Deere & Company
(DE - Get Report)
, operating through its subsidiary John Deere, is involved in three segments: agriculture and turf, construction and forestry, and credit. Of the 20 analysts covering the stock, 75% recommend a buy while the remaining rate a hold. There are no sell ratings. On average, analysts estimate a 21.4% upside from current levels.
For its fiscal year that ended on Oct. 31, 2010, the company reported net earnings of $1.87 billion, or $4.35 per share, an increase of 113% from 2009. Meanwhile, total revenue for the year stood at $26 billion. For the first quarter of 2011, Deere reported a profit of $513.7 million, or $1.20 per share, compared to $243.2 million, or $57 cents per share in the year ago period. Revenue escalated 27% to $6.12 billion.
The company's recently announced global projects are likely to expand its global footprint. In mid-January, Deere invested $100 million to build a new factory in India, while in December it announced plans to invest $50 million to build a new factory to manufacture construction equipment to be sold in China and other export markets. During April 2010, the company inaugurated a new $50 million manufacturing and parts distribution facility in South Moscow.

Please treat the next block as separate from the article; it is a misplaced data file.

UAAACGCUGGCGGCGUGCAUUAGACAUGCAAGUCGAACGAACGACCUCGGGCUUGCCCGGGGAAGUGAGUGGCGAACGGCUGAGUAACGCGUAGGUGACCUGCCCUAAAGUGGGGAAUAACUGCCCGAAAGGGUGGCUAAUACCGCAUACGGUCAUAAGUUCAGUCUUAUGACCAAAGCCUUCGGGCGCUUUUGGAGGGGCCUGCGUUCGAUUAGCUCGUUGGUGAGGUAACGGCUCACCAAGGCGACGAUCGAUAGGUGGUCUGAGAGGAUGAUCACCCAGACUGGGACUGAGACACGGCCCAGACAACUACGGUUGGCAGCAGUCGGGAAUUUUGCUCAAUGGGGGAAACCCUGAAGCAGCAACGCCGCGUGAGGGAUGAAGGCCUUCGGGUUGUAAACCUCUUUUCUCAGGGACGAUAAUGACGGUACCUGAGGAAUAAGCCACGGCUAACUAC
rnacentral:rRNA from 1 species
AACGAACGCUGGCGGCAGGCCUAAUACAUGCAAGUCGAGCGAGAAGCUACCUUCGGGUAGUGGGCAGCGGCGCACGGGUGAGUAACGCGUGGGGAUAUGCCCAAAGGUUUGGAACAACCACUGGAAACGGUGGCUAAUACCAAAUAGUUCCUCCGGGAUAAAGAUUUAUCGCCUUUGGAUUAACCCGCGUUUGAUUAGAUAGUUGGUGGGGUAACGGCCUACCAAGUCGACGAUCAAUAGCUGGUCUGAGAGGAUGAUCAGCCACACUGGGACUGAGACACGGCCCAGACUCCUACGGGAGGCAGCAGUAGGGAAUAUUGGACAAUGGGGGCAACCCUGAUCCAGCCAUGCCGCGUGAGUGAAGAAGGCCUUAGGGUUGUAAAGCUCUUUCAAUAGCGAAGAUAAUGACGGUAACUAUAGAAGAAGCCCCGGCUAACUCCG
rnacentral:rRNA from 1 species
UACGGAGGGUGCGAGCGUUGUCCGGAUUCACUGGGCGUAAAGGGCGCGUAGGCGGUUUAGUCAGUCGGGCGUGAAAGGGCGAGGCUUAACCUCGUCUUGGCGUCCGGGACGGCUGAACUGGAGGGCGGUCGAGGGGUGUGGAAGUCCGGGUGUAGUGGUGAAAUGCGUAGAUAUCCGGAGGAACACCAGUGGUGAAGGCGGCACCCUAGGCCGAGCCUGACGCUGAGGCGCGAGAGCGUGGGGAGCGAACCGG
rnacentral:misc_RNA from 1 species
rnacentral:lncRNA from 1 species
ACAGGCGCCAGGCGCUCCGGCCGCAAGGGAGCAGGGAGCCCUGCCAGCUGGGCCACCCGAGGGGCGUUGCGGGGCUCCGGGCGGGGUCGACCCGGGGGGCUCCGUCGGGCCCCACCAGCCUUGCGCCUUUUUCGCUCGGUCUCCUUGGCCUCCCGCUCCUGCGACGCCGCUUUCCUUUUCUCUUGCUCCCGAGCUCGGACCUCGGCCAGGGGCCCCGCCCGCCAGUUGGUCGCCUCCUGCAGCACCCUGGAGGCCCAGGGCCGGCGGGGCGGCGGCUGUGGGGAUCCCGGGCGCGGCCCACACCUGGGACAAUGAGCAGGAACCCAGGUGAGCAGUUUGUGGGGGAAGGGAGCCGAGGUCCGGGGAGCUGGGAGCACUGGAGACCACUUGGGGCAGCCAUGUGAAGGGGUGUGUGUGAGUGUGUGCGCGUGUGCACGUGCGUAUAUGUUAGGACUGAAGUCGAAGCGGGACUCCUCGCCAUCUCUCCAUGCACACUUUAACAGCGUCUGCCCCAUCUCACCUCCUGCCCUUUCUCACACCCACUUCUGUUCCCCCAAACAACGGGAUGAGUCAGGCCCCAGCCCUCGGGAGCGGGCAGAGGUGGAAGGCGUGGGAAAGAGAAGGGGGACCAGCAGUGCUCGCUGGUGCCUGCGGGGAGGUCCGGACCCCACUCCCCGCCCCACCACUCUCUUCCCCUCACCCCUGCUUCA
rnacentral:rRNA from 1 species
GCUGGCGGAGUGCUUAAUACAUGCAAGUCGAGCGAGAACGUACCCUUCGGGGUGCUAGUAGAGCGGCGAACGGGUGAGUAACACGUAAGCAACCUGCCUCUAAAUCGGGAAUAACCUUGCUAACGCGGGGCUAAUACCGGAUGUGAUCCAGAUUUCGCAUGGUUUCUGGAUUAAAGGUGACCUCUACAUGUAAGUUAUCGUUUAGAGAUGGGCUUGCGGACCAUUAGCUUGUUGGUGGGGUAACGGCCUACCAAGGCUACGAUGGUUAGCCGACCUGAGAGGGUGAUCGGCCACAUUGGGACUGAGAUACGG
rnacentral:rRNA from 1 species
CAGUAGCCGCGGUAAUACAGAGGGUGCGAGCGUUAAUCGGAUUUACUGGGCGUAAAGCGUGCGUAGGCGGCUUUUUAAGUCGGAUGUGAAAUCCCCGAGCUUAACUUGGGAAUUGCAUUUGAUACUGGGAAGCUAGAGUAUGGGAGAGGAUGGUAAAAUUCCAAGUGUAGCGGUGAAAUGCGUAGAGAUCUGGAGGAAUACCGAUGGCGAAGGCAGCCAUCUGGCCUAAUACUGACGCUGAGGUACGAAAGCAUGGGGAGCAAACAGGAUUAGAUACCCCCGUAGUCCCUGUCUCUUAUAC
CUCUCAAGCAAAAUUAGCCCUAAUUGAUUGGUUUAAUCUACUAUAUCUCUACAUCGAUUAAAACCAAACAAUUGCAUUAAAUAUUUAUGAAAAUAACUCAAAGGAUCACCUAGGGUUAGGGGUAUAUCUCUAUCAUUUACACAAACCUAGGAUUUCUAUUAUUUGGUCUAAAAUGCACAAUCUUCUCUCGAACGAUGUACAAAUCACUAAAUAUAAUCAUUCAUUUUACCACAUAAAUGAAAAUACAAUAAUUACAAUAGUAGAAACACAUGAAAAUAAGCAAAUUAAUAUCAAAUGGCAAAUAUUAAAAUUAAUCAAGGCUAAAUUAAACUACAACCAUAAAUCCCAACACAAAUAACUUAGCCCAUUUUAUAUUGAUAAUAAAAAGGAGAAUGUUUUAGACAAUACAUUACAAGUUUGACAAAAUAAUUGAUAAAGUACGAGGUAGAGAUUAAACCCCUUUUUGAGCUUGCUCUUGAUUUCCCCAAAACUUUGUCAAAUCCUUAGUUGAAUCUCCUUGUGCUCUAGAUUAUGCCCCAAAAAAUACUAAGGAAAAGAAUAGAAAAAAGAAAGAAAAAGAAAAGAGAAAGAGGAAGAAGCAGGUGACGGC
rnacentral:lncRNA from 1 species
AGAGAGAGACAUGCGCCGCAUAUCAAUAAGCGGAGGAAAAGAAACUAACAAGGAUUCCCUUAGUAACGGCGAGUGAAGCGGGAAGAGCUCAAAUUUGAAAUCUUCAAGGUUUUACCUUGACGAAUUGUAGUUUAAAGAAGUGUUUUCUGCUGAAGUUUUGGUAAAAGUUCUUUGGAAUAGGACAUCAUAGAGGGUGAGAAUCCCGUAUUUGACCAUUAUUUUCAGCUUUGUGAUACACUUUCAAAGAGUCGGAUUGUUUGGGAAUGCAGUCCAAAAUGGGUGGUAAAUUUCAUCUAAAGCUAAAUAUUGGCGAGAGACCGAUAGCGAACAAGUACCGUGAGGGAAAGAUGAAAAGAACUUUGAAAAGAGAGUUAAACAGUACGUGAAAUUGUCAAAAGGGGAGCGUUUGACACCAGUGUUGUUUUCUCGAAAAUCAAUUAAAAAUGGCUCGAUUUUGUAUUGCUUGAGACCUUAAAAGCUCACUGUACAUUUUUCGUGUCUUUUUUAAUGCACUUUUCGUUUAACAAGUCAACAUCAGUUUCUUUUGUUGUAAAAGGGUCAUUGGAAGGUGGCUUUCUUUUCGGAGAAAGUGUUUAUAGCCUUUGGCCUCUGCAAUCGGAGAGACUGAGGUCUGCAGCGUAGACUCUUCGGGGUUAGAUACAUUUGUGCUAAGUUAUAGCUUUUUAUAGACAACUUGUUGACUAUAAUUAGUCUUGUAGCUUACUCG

Looking ahead, Deere aims to double its annual sales to $50 billion by 2018, fueled by its agricultural and construction equipment. Additionally, led by equipment sales growth of 18%-20%, Deere raised its full-year 2011 net income guidance to approximately around $2.5 billion, topping the old estimate of $2.1 billion and breezing past analysts' estimate of $2.3 billion. The company plans to capture
(AGCO - Get Report)
market leading share in South America with a new lineup of machinery for the region.
The company's board of directors recently announced a regular quarterly dividend of 35 cents per share, payable on Mar. 2, 2011. Currently, the stock has a dividend yield of 1.6%.
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